It’s going for 400 BioWare Points, or $5.00. For now, BioWare’s keeping mum on release specifics, only saying to expect the DLC “this holiday season.”
Now if you’ll excuse us, we’re actually off to go fight the Blight at Ostagar right now. Oh man, that King Cailan is so dreamy. We sure hope nothing bad happens to him!
Borderlands' first DLC expansion, “The Zombie Island of Dr. Ned,” is a couple weeks away from pulling your level 50 Borderlands veterans out of retirement… on consoles. For now, unfortunately, mum’s the word on the first-person shoot ‘n’ loot’s PC DLC.
“We will have information on the PC version at a later time,” a 2K Games spokesperson told Blue's News.
Shame, that. Our guess? The DLC’s hit a snag in the certification process. After all, that’s what caused the main game to trail the console versions’ dates by a week. We’ve gone ahead and asked Gearbox for clarification, though, so hopefully we’ll hear more soon.
The original Mass Effect rocked our socks. Its DLC, though? Not so much. Fortunately, if a Microsoft Expert Zone retailer quiz is to be believed, BioWare’s making up for Mass Effect’s DLC deficiency in a big way with Mass Effect 2.
According to the quiz, planned content includes “episodic combat via DLC, weapon and armor packs, new downloadable characters for the campaign experience, new downloadable worlds, as well as full campaign expansions for download.”
Here’s hoping that BioWare doesn’t also take the EA Renegade route and peddle things like cheat codes and cosmetic upgrades for exorbitant prices.”Exorbitant,” in this case, meaning “anything other than free.”
Just because a Valve's got a new baby sloshing around in its tremendous, engorged Boomer womb (insert baby Boomer joke here) doesn't mean the developer's going to start neglecting its first undead child. The proof? A brand new, totally free DLC campaign is on the way for stalwart L4D1 supporters.
Titled “Crash Course,” the new campaign fits snugly between No Mercy and Death Toll, chronologically speaking. Along with new Campaign and Survival maps, new character dialogue, a recharge timer for Infected teammates, and rebalanced item spawns also put the C in this DLC.
The new scenarios will, of course, work fine and dandy with Campaign mode, but apparently, Crash Course’s true purpose is to be a “30 minute” showcase for Versus mode. You know, more like a typical multiplayer shooter.
It’s out in September. And it’s free! Unless you’ve been so horrendously wronged by the existence of Left 4 Dead 2 that even Valve’s continued support of L4D1 (the very thing you feared for when L4D2 was announced) isn’t enough to stop your steaming, you’ll play it. You’ll play it and you’ll love it because, well, why not?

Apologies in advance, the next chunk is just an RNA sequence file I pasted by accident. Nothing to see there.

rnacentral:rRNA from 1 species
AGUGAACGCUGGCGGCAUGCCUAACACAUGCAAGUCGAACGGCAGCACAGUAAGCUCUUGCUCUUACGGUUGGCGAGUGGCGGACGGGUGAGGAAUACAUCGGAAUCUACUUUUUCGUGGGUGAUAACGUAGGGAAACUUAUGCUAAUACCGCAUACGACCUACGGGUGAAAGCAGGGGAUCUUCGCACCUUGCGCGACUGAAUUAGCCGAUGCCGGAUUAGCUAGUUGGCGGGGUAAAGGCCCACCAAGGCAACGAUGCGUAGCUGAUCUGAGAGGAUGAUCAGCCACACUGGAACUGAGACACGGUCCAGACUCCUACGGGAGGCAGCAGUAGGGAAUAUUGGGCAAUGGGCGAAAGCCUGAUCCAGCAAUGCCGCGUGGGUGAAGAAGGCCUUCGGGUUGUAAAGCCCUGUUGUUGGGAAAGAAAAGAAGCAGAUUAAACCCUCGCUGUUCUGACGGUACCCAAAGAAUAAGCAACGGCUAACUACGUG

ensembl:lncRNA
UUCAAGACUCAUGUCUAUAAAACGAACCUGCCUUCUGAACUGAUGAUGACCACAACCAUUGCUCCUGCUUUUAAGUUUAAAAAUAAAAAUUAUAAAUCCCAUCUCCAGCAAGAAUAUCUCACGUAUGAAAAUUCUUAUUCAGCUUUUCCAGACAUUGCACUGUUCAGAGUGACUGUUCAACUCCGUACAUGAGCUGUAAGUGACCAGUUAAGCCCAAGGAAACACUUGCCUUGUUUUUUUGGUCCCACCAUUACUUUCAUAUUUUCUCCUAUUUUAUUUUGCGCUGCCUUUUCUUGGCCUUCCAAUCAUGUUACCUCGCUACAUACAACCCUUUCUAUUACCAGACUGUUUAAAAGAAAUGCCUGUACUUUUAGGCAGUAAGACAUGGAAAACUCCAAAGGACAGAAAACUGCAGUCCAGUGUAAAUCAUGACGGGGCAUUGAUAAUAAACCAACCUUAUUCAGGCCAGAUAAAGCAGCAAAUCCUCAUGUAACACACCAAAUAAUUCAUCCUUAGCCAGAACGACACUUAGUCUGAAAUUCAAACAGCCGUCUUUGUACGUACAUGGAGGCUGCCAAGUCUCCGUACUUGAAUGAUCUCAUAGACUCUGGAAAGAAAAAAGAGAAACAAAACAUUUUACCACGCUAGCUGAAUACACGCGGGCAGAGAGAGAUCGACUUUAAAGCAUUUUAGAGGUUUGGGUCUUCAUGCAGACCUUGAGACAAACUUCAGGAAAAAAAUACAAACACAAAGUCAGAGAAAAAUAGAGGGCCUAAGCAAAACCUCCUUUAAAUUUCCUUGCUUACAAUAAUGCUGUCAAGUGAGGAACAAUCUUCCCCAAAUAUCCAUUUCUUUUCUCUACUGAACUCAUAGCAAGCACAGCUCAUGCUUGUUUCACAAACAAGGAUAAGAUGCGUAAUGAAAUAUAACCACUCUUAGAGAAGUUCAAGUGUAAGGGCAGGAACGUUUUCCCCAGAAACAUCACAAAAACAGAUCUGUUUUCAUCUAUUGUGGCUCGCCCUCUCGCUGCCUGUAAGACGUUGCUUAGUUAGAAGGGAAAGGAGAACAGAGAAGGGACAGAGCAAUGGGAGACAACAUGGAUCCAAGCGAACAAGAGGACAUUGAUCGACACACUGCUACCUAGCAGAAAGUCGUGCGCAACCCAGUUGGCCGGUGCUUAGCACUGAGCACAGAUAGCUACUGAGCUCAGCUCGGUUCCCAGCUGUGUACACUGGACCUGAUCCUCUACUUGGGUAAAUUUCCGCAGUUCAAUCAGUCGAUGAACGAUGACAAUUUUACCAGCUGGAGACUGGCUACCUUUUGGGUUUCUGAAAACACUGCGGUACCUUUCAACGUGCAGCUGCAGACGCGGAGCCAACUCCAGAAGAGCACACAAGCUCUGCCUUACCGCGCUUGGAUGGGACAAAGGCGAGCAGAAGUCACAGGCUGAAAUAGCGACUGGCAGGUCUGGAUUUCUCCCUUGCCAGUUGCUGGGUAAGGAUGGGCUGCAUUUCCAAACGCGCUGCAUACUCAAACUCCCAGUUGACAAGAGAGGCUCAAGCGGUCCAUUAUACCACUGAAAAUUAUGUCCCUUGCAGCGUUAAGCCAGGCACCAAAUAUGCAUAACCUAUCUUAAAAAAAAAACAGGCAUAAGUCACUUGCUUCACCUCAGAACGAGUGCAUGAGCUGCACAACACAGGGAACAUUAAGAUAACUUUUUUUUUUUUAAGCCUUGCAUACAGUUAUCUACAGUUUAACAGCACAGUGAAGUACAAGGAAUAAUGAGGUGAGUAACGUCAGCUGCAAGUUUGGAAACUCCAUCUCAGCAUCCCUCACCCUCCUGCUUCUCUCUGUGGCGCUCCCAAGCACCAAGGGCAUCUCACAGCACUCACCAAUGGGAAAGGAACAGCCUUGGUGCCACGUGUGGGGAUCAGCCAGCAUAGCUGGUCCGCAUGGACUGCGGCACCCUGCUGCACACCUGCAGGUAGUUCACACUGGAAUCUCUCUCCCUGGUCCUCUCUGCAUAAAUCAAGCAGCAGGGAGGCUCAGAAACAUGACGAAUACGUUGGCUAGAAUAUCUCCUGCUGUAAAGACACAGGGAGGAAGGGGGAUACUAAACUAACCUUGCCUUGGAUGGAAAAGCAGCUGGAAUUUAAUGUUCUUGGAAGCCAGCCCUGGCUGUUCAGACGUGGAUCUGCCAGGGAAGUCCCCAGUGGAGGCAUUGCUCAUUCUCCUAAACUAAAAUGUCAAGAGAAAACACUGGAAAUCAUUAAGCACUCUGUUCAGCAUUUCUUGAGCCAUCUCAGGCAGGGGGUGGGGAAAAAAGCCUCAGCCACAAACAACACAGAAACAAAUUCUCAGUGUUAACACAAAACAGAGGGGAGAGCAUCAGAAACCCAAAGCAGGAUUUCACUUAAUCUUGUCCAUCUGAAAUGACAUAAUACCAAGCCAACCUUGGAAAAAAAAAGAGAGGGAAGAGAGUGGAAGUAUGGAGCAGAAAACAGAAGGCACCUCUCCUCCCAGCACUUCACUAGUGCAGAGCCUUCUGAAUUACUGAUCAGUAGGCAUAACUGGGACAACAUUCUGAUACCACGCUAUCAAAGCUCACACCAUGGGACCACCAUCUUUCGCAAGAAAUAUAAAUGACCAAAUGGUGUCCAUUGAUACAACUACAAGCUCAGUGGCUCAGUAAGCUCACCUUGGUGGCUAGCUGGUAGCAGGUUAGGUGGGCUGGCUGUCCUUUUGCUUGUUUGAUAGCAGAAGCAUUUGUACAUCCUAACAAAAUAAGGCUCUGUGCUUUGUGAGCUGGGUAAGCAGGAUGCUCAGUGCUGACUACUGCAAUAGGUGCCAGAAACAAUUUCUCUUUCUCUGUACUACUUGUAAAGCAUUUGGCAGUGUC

If Fallout 3’s Operation Anchorage DLC was its electro-sword-swinging, happily ending “A New Hope,” The Pitt is its “Empire Strikes Back.” Full of depressing realities and potential backstabs, The Pitt isn’t exactly the best place for a vacation if Fallout 3’s gray skies and grayer morals were getting you down. The DLC’s plot sees you dropping your mechanical trousers, donning slave rags, and infiltrating Pittsburgh’s disease-riddled remains, with the hope of freeing its enslaved citizens. Or cracking the whip even harder, if you’re playing a heartless ne’er-do-well. But is it really worth your time to save Pittsburgh when you could be saving $10? Well, here’s our verdict in five easy points. (Granted, we could’ve given you a simple yes or no, but what fun would that be?)
1. Now with made with 100% real Fallout! – Despite its first-person trappings, Fallout 3 isn’t an FPS. Unfortunately, developer Bethesda seemed to have forgotten that when it released Fallout 3’s first run-‘n’-gun-heavy piece of DLC, Operation Anchorage. With The Pitt, though, the game has kicked its identity crisis to the curb. No more snow, no more identical Chinese soldiers, no more strangely out-of-place cyborg ninjas – Metal Gear Solid this ain’t. Instead, The Pitt sends you on a veritable Wasteland safari, full of open areas, colorful characters, and optional side quests. And for the most part, another few hours of the same things Fallout fanatics have been doing for the past 50 make for an enjoyable – if somewhat familiar – experience.
Steam’s only one or two artillery shells away from becoming Skynet at this point, we think. First, it gained access to the Internet’s vast wells of knowledge, and now the thing can even purchase DLC, if it’s feeling so inclined. We’d be lying if we said we weren’t a little more worried than we’ve ever been in our entire lives.
“Valve, creators of best-selling entertainment products and advanced technologies, today announced the arrival of in-game downloadable content to Steam, their massively popular PC gaming platform. In-game DLC allows developers and publishers to use their own games as a platform for selling additional content to gamers,” read Valve’s press release.
In other words, no more middleman. Shift-tab, grab a few new items, maybe a war against China, and hop right back into the game. No muss, no fuss – just complete reliance on Steam quick, efficient fun.